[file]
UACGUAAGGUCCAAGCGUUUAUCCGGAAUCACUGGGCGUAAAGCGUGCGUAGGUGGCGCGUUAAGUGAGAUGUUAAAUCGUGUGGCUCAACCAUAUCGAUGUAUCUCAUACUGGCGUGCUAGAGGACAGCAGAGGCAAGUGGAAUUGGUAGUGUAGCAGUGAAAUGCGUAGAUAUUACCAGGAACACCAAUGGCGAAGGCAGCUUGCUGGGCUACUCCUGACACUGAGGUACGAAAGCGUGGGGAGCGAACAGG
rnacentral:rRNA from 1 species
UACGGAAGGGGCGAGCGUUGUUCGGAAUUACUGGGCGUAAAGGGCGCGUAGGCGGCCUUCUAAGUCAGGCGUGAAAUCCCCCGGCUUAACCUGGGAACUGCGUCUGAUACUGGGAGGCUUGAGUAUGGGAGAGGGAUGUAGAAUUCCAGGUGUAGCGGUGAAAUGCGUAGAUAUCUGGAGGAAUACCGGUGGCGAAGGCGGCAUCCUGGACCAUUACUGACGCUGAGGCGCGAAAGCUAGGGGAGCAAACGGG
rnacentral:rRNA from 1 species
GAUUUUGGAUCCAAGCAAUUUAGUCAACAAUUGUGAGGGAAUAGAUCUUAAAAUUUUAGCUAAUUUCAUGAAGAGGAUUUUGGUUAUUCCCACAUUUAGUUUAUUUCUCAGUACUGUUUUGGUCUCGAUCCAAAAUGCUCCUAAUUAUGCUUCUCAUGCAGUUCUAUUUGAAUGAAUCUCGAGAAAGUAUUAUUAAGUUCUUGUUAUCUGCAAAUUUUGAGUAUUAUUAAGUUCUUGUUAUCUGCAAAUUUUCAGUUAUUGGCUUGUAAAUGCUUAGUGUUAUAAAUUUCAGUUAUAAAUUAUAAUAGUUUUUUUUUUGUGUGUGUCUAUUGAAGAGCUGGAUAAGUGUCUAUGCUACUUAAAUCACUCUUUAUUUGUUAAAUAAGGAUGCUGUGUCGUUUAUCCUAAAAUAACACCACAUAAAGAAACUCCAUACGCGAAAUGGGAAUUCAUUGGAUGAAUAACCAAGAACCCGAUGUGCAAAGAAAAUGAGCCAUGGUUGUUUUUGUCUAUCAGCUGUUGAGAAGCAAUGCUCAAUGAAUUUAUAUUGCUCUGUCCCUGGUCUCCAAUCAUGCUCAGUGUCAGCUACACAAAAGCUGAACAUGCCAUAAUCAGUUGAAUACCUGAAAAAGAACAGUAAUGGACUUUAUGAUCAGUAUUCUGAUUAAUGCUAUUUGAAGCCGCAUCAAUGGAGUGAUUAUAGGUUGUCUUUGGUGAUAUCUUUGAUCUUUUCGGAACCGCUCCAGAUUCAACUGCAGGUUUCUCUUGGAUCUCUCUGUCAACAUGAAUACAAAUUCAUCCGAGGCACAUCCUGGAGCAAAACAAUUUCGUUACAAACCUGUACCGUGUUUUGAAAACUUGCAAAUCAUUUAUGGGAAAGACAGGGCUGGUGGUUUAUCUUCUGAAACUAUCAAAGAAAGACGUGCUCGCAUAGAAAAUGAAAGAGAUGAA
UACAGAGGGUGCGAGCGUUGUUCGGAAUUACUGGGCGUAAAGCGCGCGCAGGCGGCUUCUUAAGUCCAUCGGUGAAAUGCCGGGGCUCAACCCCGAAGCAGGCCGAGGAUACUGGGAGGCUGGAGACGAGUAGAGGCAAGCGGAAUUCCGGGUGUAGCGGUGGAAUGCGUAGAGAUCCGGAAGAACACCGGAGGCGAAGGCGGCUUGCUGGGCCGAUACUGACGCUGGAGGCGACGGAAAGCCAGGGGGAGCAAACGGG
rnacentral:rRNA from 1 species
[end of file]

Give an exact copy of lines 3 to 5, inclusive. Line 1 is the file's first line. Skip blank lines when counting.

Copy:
UACGGAAGGGGCGAGCGUUGUUCGGAAUUACUGGGCGUAAAGGGCGCGUAGGCGGCCUUCUAAGUCAGGCGUGAAAUCCCCCGGCUUAACCUGGGAACUGCGUCUGAUACUGGGAGGCUUGAGUAUGGGAGAGGGAUGUAGAAUUCCAGGUGUAGCGGUGAAAUGCGUAGAUAUCUGGAGGAAUACCGGUGGCGAAGGCGGCAUCCUGGACCAUUACUGACGCUGAGGCGCGAAAGCUAGGGGAGCAAACGGG
rnacentral:rRNA from 1 species
GAUUUUGGAUCCAAGCAAUUUAGUCAACAAUUGUGAGGGAAUAGAUCUUAAAAUUUUAGCUAAUUUCAUGAAGAGGAUUUUGGUUAUUCCCACAUUUAGUUUAUUUCUCAGUACUGUUUUGGUCUCGAUCCAAAAUGCUCCUAAUUAUGCUUCUCAUGCAGUUCUAUUUGAAUGAAUCUCGAGAAAGUAUUAUUAAGUUCUUGUUAUCUGCAAAUUUUGAGUAUUAUUAAGUUCUUGUUAUCUGCAAAUUUUCAGUUAUUGGCUUGUAAAUGCUUAGUGUUAUAAAUUUCAGUUAUAAAUUAUAAUAGUUUUUUUUUUGUGUGUGUCUAUUGAAGAGCUGGAUAAGUGUCUAUGCUACUUAAAUCACUCUUUAUUUGUUAAAUAAGGAUGCUGUGUCGUUUAUCCUAAAAUAACACCACAUAAAGAAACUCCAUACGCGAAAUGGGAAUUCAUUGGAUGAAUAACCAAGAACCCGAUGUGCAAAGAAAAUGAGCCAUGGUUGUUUUUGUCUAUCAGCUGUUGAGAAGCAAUGCUCAAUGAAUUUAUAUUGCUCUGUCCCUGGUCUCCAAUCAUGCUCAGUGUCAGCUACACAAAAGCUGAACAUGCCAUAAUCAGUUGAAUACCUGAAAAAGAACAGUAAUGGACUUUAUGAUCAGUAUUCUGAUUAAUGCUAUUUGAAGCCGCAUCAAUGGAGUGAUUAUAGGUUGUCUUUGGUGAUAUCUUUGAUCUUUUCGGAACCGCUCCAGAUUCAACUGCAGGUUUCUCUUGGAUCUCUCUGUCAACAUGAAUACAAAUUCAUCCGAGGCACAUCCUGGAGCAAAACAAUUUCGUUACAAACCUGUACCGUGUUUUGAAAACUUGCAAAUCAUUUAUGGGAAAGACAGGGCUGGUGGUUUAUCUUCUGAAACUAUCAAAGAAAGACGUGCUCGCAUAGAAAAUGAAAGAGAUGAA